Date of Graduation

7-2015

Document Type

Thesis

Degree Name

Master of Science in Chemistry (MS)

Degree Level

Graduate

Department

Chemistry & Biochemistry

Advisor

Colin Heyes

Committee Member

Bill Durham

Second Committee Member

Jingyi Chen

Abstract

Quantum dots are a valuable tool in many research applications and commercial development. Their applications are far reaching and as such have become a topic of great interest. One of their greatest assets is the ability to utilize them as water soluble fluorescent labels. Rendering the nanocrystals water soluble can be accomplished in several ways, but one very popular method is by capping them with water-soluble multi-functional organic ligands. However, these ligands, when attached to the quantum dot surface, are labile and can be exchanged which can be problematic when using the quantum dots in research applications. This projects investigates the mechanisms of the exchange of surface bound ligands by employing modified fluorescent dyes as probes. The kinetics of the exchange is quantified by studying the quenching of the quantum dot signal as a function of time caused by bound dyes through Förster resonance energy transfer. Quantum dots with various ligands of different size, charge, and coordination are exposed to water-soluble dyes of different charges. Overall, it was discovered that a multi-component mechanism of exchange is present. The rate of the first very fast components provide insight into the initial binding of ligands to the surface, while the longer component(s) provides information about the exchange of ligands by dyes on the surface of the quantum dot.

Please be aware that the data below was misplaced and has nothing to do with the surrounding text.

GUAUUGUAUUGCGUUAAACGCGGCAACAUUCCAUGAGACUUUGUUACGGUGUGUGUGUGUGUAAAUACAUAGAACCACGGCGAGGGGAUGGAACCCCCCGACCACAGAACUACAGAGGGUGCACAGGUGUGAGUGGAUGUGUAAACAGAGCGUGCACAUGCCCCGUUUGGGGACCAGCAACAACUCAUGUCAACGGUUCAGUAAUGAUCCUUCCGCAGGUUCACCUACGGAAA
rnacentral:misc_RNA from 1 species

Share

COinS